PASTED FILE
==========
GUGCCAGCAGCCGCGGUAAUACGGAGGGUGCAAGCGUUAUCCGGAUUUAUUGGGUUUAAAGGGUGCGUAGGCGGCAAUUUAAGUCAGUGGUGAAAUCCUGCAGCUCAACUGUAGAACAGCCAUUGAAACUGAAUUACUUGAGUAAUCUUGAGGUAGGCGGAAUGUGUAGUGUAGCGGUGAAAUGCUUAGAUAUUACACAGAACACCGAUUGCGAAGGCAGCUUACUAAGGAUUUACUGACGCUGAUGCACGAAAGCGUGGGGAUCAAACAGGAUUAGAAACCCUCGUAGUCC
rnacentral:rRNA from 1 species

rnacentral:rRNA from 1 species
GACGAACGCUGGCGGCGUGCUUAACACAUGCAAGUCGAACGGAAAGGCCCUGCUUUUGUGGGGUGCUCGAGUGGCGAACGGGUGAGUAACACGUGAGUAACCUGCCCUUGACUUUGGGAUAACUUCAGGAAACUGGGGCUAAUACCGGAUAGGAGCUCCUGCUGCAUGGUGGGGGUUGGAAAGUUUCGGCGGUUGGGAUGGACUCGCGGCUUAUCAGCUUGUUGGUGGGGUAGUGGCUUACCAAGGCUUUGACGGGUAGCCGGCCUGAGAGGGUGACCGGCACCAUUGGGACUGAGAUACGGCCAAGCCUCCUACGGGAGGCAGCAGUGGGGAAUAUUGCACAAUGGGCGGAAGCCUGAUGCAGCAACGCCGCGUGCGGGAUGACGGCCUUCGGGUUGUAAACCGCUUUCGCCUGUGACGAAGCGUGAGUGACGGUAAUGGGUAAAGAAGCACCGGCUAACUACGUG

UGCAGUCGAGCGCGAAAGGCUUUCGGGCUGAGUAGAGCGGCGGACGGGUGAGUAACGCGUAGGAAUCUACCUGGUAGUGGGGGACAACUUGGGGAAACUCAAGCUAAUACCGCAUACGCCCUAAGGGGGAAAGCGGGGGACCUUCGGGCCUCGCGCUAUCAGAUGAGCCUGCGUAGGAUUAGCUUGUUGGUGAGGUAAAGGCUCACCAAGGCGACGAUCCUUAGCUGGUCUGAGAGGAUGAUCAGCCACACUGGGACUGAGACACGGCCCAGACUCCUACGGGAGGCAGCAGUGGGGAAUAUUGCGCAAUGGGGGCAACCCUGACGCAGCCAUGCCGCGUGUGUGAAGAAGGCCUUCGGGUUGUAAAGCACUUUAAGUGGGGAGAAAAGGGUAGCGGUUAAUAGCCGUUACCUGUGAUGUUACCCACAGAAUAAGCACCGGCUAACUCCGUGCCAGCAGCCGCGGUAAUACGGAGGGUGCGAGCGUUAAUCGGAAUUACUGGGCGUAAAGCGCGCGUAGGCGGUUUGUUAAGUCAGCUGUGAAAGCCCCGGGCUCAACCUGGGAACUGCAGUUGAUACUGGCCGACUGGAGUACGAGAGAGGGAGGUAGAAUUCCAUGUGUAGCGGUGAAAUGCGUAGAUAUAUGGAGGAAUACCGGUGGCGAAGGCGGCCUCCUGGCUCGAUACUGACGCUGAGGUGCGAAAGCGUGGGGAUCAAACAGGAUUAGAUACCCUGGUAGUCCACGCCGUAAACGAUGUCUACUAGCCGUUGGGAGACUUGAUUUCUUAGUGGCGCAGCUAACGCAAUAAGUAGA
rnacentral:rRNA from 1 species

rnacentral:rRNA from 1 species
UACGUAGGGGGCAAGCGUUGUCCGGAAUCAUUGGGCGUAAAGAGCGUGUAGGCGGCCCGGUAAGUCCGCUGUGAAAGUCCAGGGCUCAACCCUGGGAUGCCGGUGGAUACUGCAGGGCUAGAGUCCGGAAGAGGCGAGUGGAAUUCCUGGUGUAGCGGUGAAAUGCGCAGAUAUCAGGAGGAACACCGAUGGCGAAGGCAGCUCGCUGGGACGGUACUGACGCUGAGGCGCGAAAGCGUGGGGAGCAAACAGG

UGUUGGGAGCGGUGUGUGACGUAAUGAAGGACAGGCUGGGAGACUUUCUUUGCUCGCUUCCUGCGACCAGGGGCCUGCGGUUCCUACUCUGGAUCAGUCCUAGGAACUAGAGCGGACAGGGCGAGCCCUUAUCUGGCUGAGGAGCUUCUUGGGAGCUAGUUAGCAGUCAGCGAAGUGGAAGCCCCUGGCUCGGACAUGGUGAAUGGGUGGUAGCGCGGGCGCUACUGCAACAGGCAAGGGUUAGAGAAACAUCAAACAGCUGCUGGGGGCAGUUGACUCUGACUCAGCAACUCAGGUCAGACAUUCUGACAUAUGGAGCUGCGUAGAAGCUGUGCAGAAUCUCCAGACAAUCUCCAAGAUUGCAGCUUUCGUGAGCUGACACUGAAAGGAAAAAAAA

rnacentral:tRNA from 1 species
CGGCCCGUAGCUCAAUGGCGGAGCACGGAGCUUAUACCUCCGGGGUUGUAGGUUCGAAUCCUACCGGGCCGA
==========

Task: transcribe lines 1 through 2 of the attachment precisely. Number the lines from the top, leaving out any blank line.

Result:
GUGCCAGCAGCCGCGGUAAUACGGAGGGUGCAAGCGUUAUCCGGAUUUAUUGGGUUUAAAGGGUGCGUAGGCGGCAAUUUAAGUCAGUGGUGAAAUCCUGCAGCUCAACUGUAGAACAGCCAUUGAAACUGAAUUACUUGAGUAAUCUUGAGGUAGGCGGAAUGUGUAGUGUAGCGGUGAAAUGCUUAGAUAUUACACAGAACACCGAUUGCGAAGGCAGCUUACUAAGGAUUUACUGACGCUGAUGCACGAAAGCGUGGGGAUCAAACAGGAUUAGAAACCCUCGUAGUCC
rnacentral:rRNA from 1 species